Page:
Chicago Brookfield Zoo is investigating the death of all 54 of its stingrays after oxygen levels in the tank suddenly dropped. Officials are blaming an equipment malfunction for the oxygen dip in the shallow Stingray Bay habitat. The zoo stated that veterinary staff rushed to the scene but were unable to raise the oxygen levels in time to save any of the stingrays. Senior vice president of animal programs for the Chicago Zoological Society, Bill Zeigler, said that the zoo was "devastated by the tragic loss of these animals" adding that "staff did everything possible to try and save the animals". The exhibit has been running every summer since 2007, but will remain closed for the remainder of the season while staff members investigate the cause of the malfunction.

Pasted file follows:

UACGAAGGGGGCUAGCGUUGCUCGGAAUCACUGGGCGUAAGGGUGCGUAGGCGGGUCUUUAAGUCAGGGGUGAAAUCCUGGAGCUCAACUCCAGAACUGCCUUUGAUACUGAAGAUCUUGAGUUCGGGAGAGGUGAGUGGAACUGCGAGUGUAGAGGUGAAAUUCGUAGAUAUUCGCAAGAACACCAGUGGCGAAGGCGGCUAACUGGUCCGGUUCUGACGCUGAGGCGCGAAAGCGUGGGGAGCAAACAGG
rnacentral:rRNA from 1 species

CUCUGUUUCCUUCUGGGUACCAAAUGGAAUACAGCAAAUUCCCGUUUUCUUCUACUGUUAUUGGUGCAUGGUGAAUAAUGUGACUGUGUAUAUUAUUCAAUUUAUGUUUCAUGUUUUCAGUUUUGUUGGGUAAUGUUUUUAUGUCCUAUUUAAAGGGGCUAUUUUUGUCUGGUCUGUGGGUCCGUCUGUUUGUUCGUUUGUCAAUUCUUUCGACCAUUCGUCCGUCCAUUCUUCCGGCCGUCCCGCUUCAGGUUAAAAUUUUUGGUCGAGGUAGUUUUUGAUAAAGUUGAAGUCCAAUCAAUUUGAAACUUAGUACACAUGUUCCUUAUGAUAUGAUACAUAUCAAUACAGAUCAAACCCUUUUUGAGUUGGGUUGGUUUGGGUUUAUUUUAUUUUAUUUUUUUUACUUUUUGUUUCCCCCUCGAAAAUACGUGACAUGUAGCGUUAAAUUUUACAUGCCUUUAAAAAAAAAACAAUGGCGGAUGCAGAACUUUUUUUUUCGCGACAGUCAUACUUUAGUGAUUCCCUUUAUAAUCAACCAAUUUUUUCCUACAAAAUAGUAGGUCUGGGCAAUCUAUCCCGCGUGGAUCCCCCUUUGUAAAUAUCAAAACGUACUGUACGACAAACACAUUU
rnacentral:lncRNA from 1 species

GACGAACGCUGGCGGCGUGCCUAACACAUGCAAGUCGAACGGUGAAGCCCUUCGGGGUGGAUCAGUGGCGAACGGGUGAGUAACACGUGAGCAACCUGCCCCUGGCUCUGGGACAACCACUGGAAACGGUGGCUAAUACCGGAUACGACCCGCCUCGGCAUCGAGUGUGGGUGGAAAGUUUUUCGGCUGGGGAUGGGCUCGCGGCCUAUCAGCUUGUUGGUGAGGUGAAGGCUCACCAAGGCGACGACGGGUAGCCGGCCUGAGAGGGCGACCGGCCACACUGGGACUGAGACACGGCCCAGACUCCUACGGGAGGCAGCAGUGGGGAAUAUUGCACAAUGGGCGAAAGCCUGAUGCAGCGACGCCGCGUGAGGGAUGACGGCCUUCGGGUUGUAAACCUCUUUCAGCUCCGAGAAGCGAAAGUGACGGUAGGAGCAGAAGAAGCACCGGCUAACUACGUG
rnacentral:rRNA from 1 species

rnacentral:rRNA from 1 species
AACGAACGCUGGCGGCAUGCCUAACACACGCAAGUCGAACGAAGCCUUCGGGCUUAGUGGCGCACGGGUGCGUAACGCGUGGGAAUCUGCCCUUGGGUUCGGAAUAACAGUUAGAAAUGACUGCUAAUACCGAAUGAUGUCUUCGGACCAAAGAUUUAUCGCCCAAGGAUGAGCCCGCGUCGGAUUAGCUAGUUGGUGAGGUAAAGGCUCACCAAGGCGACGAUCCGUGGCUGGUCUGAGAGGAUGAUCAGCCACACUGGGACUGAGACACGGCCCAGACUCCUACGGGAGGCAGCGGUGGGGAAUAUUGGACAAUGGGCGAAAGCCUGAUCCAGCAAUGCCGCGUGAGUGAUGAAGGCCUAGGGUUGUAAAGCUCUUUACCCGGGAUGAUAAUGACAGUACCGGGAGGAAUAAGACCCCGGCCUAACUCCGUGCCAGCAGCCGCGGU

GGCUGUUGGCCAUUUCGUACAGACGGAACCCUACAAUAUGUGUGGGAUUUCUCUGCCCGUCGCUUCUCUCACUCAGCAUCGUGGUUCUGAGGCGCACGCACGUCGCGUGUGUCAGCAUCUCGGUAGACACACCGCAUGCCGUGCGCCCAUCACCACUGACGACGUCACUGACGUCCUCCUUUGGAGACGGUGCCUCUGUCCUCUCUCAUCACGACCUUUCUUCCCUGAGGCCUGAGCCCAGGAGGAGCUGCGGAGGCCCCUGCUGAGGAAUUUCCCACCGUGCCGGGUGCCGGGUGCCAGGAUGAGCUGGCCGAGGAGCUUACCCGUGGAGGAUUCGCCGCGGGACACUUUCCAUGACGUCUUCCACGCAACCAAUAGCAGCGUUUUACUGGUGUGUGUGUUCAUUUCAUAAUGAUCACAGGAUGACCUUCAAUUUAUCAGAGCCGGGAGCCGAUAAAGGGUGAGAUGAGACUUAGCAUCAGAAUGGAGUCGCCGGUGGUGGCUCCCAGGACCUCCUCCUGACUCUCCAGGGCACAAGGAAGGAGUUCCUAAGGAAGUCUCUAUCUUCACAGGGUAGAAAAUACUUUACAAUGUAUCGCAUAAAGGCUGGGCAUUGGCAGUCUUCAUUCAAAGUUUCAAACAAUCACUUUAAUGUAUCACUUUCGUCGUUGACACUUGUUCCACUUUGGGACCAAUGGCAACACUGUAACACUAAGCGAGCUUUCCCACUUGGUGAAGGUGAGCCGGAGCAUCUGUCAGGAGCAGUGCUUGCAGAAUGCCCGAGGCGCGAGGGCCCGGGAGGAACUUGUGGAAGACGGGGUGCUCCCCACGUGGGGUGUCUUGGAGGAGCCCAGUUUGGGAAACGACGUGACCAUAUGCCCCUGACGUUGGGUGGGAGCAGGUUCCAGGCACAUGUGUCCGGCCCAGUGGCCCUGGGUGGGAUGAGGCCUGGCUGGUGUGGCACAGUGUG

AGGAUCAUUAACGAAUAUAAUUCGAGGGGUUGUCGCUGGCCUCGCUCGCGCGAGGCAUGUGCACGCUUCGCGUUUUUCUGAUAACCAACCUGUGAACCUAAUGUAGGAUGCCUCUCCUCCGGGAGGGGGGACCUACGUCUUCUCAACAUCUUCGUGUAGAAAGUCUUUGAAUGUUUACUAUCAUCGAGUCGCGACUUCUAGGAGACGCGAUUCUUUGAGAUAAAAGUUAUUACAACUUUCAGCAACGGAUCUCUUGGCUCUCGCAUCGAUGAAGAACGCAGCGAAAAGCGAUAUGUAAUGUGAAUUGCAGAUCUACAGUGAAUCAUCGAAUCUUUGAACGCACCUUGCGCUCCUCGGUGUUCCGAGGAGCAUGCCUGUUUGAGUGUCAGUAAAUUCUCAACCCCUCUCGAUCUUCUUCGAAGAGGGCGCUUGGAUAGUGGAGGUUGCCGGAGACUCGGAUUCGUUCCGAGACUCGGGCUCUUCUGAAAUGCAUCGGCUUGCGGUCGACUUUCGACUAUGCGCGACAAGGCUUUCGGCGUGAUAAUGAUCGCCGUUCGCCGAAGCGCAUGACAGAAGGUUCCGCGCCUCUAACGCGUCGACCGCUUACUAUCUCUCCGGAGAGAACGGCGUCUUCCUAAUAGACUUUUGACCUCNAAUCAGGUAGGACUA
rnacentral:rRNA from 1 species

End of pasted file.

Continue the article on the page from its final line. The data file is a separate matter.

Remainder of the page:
An "equipment malfunction" was also to blame in 2008, when 19 stingrays died at the same zoo after water temperatures suddenly rose by about ten degrees. Not all of the zoo's stingrays died in this particular accident, and the exhibit reopened that summer with the remaining animals.
Zoo spokeswoman Sondra Katzen stated that the stingrays were each born into captivity and were kept in a 16,000 gallon, saltwater pool, with open access to allow visitors to touch and feed them. The exhibit used to be operated by Living Exhibits, a company from San Diego, but is now run by SeaWorld.
See the statement from Chicago Brookfield Zoo below.